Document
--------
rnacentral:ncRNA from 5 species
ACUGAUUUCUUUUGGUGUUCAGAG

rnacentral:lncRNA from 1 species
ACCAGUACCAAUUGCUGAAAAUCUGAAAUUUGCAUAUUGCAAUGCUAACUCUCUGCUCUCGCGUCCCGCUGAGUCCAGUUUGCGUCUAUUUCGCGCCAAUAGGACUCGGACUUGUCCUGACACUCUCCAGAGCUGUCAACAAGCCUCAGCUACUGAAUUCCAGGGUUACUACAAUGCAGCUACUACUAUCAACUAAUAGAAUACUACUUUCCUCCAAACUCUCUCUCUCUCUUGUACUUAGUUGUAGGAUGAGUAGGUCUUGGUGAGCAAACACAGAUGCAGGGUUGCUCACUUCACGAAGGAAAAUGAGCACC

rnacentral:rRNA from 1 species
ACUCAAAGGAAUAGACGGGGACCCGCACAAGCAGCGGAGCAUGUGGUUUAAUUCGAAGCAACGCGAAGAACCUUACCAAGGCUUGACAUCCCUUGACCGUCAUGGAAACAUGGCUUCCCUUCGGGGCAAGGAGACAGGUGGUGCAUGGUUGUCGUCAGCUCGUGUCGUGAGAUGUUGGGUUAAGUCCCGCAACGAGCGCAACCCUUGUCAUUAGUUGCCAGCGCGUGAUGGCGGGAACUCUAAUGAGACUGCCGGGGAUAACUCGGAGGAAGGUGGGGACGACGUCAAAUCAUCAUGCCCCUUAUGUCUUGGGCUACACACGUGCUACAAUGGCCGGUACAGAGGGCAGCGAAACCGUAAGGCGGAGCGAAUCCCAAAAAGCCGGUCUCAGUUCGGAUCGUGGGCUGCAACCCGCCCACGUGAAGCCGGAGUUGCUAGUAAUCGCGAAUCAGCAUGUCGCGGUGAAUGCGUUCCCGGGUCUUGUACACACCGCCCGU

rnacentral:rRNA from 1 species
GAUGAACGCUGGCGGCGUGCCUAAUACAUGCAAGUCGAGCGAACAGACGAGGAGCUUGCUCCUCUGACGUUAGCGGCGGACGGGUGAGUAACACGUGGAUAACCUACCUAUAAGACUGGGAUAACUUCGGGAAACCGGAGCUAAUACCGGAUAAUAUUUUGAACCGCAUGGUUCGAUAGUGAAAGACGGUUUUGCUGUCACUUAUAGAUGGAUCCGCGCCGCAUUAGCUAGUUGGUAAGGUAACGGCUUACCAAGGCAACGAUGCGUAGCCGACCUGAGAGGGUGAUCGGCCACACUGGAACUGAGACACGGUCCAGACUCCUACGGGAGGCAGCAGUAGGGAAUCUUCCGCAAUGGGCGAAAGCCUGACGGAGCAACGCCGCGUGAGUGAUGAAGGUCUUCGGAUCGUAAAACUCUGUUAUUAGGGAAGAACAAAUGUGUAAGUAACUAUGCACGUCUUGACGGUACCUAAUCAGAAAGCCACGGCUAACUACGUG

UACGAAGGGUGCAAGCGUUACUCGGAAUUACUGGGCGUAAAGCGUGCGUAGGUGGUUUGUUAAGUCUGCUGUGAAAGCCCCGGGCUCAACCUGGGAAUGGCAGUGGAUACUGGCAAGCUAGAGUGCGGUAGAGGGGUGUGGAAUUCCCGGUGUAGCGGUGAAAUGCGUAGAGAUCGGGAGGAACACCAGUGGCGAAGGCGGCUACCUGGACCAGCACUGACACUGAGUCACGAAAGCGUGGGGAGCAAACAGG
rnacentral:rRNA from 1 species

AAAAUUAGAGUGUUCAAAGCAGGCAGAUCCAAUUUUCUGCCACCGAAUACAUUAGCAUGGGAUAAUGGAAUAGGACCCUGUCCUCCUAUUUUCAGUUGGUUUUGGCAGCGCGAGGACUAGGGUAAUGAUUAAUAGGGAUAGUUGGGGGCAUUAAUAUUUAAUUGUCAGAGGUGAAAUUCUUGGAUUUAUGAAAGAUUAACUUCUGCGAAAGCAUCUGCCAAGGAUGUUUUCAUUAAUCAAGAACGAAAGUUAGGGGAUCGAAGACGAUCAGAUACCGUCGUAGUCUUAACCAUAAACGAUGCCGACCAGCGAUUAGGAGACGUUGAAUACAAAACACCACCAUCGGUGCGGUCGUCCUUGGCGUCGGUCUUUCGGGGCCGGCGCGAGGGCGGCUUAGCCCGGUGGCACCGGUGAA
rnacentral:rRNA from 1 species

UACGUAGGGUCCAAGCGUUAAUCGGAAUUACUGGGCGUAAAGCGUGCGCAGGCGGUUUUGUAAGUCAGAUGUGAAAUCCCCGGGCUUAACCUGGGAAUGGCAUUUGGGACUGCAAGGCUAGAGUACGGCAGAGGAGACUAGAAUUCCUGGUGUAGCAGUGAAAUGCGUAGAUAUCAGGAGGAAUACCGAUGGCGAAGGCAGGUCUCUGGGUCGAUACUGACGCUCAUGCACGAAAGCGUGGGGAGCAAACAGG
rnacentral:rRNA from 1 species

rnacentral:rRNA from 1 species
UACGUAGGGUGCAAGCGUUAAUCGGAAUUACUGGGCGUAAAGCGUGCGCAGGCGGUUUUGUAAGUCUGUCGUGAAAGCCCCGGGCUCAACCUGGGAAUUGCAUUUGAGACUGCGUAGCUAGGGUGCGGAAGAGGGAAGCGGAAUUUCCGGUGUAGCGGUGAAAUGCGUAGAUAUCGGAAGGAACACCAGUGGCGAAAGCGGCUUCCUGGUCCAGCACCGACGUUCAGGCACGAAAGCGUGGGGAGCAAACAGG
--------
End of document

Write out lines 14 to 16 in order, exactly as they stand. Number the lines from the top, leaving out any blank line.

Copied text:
rnacentral:rRNA from 1 species

rnacentral:rRNA from 1 species
UACGUAGGGUGCAAGCGUUAAUCGGAAUUACUGGGCGUAAAGCGUGCGCAGGCGGUUUUGUAAGUCUGUCGUGAAAGCCCCGGGCUCAACCUGGGAAUUGCAUUUGAGACUGCGUAGCUAGGGUGCGGAAGAGGGAAGCGGAAUUUCCGGUGUAGCGGUGAAAUGCGUAGAUAUCGGAAGGAACACCAGUGGCGAAAGCGGCUUCCUGGUCCAGCACCGACGUUCAGGCACGAAAGCGUGGGGAGCAAACAGG